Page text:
"Thro' the hawthorn-bush let whistle and rush, — Let whistle, child, let whistle! Mark the flash fierce and high of my steed's bright eye, And his proud crest's eager bristle. Up, up and away! I must not stay; Mount swiftly behind me! up, up and away! An hundred miles must be ridden and sped Ere we may lie down in the bridal-bed." "What! ride an hundred miles to-night, By thy mad fancies driven! Dost hear the bell with its sullen swell. As it rumbles out eleven?" "Look forth! look forth! the moon shines bright; We and the dead gallop fast thro' the night. 'Tis for a wager I bear thee away To the nuptial couch ere break of day."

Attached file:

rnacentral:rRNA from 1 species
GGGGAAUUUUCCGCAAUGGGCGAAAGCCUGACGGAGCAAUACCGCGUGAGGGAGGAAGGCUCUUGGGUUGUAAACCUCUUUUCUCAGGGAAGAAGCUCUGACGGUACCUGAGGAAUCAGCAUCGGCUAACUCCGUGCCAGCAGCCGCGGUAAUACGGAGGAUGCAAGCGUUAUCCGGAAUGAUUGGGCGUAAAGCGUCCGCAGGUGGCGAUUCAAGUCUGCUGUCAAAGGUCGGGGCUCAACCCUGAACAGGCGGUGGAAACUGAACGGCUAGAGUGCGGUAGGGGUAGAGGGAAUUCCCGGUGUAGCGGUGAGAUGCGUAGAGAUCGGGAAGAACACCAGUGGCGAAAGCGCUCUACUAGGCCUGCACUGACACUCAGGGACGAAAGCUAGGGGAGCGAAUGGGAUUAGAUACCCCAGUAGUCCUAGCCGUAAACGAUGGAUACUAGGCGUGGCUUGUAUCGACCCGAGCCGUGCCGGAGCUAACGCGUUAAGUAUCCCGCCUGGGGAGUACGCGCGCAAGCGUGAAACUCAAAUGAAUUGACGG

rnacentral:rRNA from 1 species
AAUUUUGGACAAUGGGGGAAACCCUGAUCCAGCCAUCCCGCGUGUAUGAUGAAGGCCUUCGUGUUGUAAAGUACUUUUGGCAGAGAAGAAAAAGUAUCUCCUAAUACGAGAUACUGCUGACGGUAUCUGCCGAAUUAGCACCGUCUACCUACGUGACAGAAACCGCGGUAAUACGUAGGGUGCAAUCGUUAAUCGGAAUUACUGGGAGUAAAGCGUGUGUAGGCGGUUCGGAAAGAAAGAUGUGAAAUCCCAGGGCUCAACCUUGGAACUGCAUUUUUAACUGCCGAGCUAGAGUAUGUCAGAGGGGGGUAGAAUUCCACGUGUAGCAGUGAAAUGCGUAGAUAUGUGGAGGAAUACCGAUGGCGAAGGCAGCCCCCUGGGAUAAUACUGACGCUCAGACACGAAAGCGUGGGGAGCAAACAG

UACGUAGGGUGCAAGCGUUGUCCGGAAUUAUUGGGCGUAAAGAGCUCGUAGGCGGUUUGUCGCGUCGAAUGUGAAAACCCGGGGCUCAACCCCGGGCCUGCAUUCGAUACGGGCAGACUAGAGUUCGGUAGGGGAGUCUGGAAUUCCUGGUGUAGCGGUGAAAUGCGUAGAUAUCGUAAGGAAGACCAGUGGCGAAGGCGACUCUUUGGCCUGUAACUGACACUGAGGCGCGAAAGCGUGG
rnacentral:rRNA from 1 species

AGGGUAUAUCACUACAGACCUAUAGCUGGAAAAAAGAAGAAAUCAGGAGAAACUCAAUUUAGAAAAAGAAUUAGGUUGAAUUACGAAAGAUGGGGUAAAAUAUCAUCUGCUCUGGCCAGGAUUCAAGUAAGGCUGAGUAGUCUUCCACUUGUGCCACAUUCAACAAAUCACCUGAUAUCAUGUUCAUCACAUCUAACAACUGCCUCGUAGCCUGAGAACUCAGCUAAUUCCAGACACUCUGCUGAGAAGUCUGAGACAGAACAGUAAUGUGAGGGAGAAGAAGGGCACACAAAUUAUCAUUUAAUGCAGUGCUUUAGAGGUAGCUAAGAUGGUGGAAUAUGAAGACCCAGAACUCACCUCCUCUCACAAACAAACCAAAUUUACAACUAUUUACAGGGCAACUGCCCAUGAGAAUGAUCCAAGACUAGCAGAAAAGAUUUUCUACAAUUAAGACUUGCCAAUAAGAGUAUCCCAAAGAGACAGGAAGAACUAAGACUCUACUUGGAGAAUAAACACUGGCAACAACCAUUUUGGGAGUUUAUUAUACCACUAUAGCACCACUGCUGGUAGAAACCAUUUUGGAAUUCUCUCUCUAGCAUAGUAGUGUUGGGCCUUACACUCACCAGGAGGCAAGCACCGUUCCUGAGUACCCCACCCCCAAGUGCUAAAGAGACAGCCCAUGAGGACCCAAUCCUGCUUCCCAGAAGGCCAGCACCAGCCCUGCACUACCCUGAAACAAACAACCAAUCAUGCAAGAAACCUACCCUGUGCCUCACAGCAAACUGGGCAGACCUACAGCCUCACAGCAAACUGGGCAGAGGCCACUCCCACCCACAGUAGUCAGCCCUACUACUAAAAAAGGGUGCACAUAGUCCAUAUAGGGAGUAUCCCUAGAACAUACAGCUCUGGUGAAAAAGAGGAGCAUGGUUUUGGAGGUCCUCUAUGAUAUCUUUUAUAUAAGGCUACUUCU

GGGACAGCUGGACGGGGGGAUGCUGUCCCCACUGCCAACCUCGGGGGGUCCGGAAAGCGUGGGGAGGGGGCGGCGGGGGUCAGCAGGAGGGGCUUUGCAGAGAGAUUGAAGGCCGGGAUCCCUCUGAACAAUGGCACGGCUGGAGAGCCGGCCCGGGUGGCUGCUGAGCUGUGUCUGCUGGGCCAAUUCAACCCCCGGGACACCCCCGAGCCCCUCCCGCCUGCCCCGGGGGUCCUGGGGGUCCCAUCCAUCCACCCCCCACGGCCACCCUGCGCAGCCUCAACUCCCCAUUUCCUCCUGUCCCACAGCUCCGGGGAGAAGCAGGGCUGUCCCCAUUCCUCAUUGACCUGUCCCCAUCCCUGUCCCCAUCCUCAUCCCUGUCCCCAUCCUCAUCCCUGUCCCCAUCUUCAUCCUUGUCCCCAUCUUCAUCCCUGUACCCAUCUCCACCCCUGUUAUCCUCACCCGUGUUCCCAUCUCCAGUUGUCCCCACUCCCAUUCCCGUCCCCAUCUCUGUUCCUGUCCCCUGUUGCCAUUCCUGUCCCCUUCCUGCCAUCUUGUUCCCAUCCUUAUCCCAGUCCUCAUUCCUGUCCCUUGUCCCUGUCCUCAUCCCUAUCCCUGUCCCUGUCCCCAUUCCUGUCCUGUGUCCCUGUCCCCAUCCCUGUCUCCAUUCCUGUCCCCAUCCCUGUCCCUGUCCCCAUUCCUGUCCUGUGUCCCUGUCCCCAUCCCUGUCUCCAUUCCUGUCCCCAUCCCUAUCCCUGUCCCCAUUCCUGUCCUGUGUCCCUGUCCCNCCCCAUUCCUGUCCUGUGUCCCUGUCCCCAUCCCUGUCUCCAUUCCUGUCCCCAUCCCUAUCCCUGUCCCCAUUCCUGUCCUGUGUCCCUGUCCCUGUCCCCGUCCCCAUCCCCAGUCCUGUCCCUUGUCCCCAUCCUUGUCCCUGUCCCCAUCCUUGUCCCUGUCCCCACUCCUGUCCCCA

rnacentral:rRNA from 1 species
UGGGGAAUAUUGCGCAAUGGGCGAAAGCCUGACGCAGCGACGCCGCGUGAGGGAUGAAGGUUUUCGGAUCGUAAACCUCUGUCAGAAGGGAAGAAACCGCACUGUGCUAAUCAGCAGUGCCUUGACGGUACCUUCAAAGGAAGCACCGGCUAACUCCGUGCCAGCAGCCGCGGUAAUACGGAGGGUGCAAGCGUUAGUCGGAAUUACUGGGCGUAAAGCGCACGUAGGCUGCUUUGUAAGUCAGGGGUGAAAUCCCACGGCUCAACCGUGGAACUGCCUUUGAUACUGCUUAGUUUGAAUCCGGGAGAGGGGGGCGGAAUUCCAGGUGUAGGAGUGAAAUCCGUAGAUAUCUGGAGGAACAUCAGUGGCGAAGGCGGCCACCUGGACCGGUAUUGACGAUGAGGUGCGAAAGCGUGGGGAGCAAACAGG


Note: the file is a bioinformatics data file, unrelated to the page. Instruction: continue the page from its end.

"Ah! where is the chamber, William dear, And William, where is the bed?" "Far, far from here; still, narrow, and cool; Plank and bottom and lid." "Hast room for me?" — "For me and thee; Up, up to the saddle right speedily! The wedding-guests are gathered and met, And the door of the chamber is open set." She busked her well, and into the selle She sprang with nimble haste, — And gently smiling, with a sweet beguiling, Her white hands clasped his waist; — And hurry, hurry! ring, ring, ring! To and fro they sway and swing; Snorting and snuffing they skim the ground, And the sparks spurt up, and the stones run round.
Here to the right and there to the left Flew fields of corn and clover, And the bridges flashed by to the dazzled eye, As rattling they thundered over. "What ails my love? the moon shines bright; Bravely the dead men ride through the night. Is my love afraid of the quiet dead?" "Ah! no;— let them sleep in their dusty bed!"